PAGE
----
Marvell Semiconductor is off and running with 802.3cd-compliant chips, and reckons it's the first sand-baker to ship to the standard.
The IEEE's 802.3cd standard defines the physical ports for current and future high-speed Ethernet interfaces – the 50 Gbps, 200 Gbps and 400 Gbps rates expected over time to replace 25 Gbps and 100 Gbps.
Marvell's Alaska C 88X7120 transceivers, sampling now, support 16 50 Gbps ports, four 200 Gbps ports, and two 400 Gbps ports, using PAM4 signalling. They're aimed at top-of-rack switches with interfaces from 25 Gbps to 100 Gbps, and 200/400 Gbps Ethernet line cards.
PAM4 is a four-level pulse-amplitude modulation technique designed to replace the non-return to zero (NRZ) binary modulation. The IEEE has a comparison of the modulation schemes in this document (PDF) from 2004.
So customers don't have to call in the forklift, the devices support translation between the two modulation types (referred to as “gearboxing”), for compatibility with existing optics and I/O.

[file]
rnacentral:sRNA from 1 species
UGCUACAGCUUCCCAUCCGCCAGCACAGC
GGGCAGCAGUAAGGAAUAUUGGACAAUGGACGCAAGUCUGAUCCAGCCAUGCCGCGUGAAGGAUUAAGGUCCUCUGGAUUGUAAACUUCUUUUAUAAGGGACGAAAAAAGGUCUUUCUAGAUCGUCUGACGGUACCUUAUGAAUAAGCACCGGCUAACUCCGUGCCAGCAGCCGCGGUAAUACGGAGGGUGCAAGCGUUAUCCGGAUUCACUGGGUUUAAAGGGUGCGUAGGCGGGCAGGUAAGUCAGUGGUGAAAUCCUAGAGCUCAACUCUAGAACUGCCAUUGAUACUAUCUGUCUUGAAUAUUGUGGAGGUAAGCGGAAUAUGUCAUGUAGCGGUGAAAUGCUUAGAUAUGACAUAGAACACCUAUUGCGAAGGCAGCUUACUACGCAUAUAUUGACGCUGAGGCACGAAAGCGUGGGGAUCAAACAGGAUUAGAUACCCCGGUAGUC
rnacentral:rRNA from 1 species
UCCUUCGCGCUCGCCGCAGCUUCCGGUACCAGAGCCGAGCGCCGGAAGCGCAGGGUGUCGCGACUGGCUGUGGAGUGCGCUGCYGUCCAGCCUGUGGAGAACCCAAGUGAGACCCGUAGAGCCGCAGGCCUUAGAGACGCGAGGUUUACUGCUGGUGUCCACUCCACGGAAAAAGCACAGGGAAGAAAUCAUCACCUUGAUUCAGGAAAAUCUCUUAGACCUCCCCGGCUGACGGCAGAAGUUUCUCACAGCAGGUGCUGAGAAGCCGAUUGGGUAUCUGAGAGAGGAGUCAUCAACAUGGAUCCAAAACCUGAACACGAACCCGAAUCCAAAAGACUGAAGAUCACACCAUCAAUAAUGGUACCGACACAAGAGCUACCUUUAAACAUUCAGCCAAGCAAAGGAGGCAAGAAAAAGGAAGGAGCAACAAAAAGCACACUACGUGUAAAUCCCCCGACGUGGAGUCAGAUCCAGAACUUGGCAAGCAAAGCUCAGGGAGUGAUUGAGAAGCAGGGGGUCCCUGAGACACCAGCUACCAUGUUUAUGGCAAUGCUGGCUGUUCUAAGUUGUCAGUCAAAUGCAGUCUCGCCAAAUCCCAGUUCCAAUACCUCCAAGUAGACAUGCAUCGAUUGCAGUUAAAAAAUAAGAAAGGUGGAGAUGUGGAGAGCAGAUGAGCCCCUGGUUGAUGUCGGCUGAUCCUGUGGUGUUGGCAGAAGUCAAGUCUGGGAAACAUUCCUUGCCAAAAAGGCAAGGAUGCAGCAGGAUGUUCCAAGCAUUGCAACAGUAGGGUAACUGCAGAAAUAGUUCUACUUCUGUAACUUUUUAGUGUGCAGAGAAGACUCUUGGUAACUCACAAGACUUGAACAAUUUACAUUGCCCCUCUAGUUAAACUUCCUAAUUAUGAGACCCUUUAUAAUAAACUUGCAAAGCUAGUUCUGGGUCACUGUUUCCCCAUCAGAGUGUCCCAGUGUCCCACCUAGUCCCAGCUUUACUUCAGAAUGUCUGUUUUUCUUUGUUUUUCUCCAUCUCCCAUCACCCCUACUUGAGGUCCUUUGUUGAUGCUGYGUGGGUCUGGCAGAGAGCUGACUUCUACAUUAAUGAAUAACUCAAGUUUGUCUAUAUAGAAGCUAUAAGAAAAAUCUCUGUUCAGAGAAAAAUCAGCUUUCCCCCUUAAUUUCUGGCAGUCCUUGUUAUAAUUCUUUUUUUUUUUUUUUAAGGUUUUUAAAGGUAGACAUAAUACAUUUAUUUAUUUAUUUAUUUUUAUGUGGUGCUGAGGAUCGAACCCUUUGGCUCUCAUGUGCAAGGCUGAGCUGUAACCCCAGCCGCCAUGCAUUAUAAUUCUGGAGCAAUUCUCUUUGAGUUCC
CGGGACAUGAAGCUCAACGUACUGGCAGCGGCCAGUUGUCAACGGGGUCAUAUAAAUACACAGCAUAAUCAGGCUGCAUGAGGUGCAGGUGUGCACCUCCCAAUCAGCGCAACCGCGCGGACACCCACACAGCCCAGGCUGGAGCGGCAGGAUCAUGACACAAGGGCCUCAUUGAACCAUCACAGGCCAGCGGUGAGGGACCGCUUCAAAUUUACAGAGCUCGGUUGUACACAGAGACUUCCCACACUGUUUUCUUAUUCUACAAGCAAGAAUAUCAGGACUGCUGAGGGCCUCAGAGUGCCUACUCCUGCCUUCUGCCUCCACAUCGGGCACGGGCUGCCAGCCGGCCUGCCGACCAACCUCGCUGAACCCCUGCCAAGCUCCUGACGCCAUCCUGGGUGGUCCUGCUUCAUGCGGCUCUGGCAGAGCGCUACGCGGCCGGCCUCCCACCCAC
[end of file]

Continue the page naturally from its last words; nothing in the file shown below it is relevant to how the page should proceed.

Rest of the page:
Marvell says the 88X7120's port density is optimised for two port types: QSFP-DD (Quad Small Form Factor Pluggable – Double Density) and OSFP (Octal Small Form Factor Pluggable).
The QSFP-DD spec was first published in 2016 and had its third release [PDF] in September 2017.
OSFP is an eight-lane port spec designed to cope with the high power dissipation needed for 400 Gbps operation.
The chips also support long-reach serialisation/deserialisation (SerDes) on “system and line side interfaces”, the company's announcement stated, so OEMs can use the chips for wide area interfaces.
There's a product brief for the C 88X7120 in this PDF.
Buyers can expect to see OEM products landing in 2019. ®